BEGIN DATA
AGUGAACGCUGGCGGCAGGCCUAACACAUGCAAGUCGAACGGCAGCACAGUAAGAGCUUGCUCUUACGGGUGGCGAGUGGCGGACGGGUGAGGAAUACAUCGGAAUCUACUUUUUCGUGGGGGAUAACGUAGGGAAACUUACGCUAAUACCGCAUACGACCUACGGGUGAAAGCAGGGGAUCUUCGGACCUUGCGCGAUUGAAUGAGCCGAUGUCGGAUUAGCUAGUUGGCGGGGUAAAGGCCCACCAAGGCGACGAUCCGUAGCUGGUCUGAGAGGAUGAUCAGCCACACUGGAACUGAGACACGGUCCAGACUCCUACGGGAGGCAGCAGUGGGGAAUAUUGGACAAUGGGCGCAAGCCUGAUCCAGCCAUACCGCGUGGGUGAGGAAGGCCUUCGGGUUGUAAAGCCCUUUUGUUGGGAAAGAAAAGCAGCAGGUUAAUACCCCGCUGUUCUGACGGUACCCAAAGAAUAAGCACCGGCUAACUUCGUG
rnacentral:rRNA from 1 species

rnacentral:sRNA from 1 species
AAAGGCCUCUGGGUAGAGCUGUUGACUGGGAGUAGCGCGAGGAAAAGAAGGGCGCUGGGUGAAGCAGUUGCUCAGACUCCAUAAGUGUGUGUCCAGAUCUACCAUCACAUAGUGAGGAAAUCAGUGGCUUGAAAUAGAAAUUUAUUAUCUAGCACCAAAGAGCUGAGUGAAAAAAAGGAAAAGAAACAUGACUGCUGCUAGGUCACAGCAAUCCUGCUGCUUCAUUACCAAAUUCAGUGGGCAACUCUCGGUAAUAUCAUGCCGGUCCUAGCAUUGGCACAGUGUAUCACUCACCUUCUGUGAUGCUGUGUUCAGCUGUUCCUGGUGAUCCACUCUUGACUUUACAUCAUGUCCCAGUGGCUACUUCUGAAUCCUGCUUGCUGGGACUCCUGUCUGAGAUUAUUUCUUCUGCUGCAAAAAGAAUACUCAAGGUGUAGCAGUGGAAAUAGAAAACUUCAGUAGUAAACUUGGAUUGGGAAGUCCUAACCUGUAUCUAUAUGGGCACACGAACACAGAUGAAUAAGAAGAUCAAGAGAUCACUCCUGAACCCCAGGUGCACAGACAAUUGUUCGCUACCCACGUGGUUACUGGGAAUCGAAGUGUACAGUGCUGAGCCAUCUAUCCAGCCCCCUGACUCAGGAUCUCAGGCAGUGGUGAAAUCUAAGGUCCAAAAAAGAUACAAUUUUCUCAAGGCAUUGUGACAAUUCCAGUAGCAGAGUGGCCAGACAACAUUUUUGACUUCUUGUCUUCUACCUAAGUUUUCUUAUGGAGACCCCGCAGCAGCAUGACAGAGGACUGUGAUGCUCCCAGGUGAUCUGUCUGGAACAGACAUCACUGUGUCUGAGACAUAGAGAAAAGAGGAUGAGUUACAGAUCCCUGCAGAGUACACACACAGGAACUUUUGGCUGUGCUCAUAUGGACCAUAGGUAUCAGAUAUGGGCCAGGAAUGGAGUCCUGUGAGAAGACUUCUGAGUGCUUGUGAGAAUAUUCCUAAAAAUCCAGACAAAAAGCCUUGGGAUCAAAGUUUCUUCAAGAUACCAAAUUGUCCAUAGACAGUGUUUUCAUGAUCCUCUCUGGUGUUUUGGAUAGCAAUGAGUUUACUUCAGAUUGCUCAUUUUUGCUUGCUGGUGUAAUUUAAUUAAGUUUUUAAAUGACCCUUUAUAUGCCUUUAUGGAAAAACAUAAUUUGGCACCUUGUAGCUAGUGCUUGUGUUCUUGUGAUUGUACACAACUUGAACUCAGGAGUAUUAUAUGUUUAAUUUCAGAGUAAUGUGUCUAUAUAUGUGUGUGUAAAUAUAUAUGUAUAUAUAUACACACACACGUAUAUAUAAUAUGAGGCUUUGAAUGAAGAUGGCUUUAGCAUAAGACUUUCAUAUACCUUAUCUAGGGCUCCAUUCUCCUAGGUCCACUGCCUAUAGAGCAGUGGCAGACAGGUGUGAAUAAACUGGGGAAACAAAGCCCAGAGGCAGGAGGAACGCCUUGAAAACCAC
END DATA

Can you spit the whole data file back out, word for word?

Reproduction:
AGUGAACGCUGGCGGCAGGCCUAACACAUGCAAGUCGAACGGCAGCACAGUAAGAGCUUGCUCUUACGGGUGGCGAGUGGCGGACGGGUGAGGAAUACAUCGGAAUCUACUUUUUCGUGGGGGAUAACGUAGGGAAACUUACGCUAAUACCGCAUACGACCUACGGGUGAAAGCAGGGGAUCUUCGGACCUUGCGCGAUUGAAUGAGCCGAUGUCGGAUUAGCUAGUUGGCGGGGUAAAGGCCCACCAAGGCGACGAUCCGUAGCUGGUCUGAGAGGAUGAUCAGCCACACUGGAACUGAGACACGGUCCAGACUCCUACGGGAGGCAGCAGUGGGGAAUAUUGGACAAUGGGCGCAAGCCUGAUCCAGCCAUACCGCGUGGGUGAGGAAGGCCUUCGGGUUGUAAAGCCCUUUUGUUGGGAAAGAAAAGCAGCAGGUUAAUACCCCGCUGUUCUGACGGUACCCAAAGAAUAAGCACCGGCUAACUUCGUG
rnacentral:rRNA from 1 species

rnacentral:sRNA from 1 species
AAAGGCCUCUGGGUAGAGCUGUUGACUGGGAGUAGCGCGAGGAAAAGAAGGGCGCUGGGUGAAGCAGUUGCUCAGACUCCAUAAGUGUGUGUCCAGAUCUACCAUCACAUAGUGAGGAAAUCAGUGGCUUGAAAUAGAAAUUUAUUAUCUAGCACCAAAGAGCUGAGUGAAAAAAAGGAAAAGAAACAUGACUGCUGCUAGGUCACAGCAAUCCUGCUGCUUCAUUACCAAAUUCAGUGGGCAACUCUCGGUAAUAUCAUGCCGGUCCUAGCAUUGGCACAGUGUAUCACUCACCUUCUGUGAUGCUGUGUUCAGCUGUUCCUGGUGAUCCACUCUUGACUUUACAUCAUGUCCCAGUGGCUACUUCUGAAUCCUGCUUGCUGGGACUCCUGUCUGAGAUUAUUUCUUCUGCUGCAAAAAGAAUACUCAAGGUGUAGCAGUGGAAAUAGAAAACUUCAGUAGUAAACUUGGAUUGGGAAGUCCUAACCUGUAUCUAUAUGGGCACACGAACACAGAUGAAUAAGAAGAUCAAGAGAUCACUCCUGAACCCCAGGUGCACAGACAAUUGUUCGCUACCCACGUGGUUACUGGGAAUCGAAGUGUACAGUGCUGAGCCAUCUAUCCAGCCCCCUGACUCAGGAUCUCAGGCAGUGGUGAAAUCUAAGGUCCAAAAAAGAUACAAUUUUCUCAAGGCAUUGUGACAAUUCCAGUAGCAGAGUGGCCAGACAACAUUUUUGACUUCUUGUCUUCUACCUAAGUUUUCUUAUGGAGACCCCGCAGCAGCAUGACAGAGGACUGUGAUGCUCCCAGGUGAUCUGUCUGGAACAGACAUCACUGUGUCUGAGACAUAGAGAAAAGAGGAUGAGUUACAGAUCCCUGCAGAGUACACACACAGGAACUUUUGGCUGUGCUCAUAUGGACCAUAGGUAUCAGAUAUGGGCCAGGAAUGGAGUCCUGUGAGAAGACUUCUGAGUGCUUGUGAGAAUAUUCCUAAAAAUCCAGACAAAAAGCCUUGGGAUCAAAGUUUCUUCAAGAUACCAAAUUGUCCAUAGACAGUGUUUUCAUGAUCCUCUCUGGUGUUUUGGAUAGCAAUGAGUUUACUUCAGAUUGCUCAUUUUUGCUUGCUGGUGUAAUUUAAUUAAGUUUUUAAAUGACCCUUUAUAUGCCUUUAUGGAAAAACAUAAUUUGGCACCUUGUAGCUAGUGCUUGUGUUCUUGUGAUUGUACACAACUUGAACUCAGGAGUAUUAUAUGUUUAAUUUCAGAGUAAUGUGUCUAUAUAUGUGUGUGUAAAUAUAUAUGUAUAUAUAUACACACACACGUAUAUAUAAUAUGAGGCUUUGAAUGAAGAUGGCUUUAGCAUAAGACUUUCAUAUACCUUAUCUAGGGCUCCAUUCUCCUAGGUCCACUGCCUAUAGAGCAGUGGCAGACAGGUGUGAAUAAACUGGGGAAACAAAGCCCAGAGGCAGGAGGAACGCCUUGAAAACCAC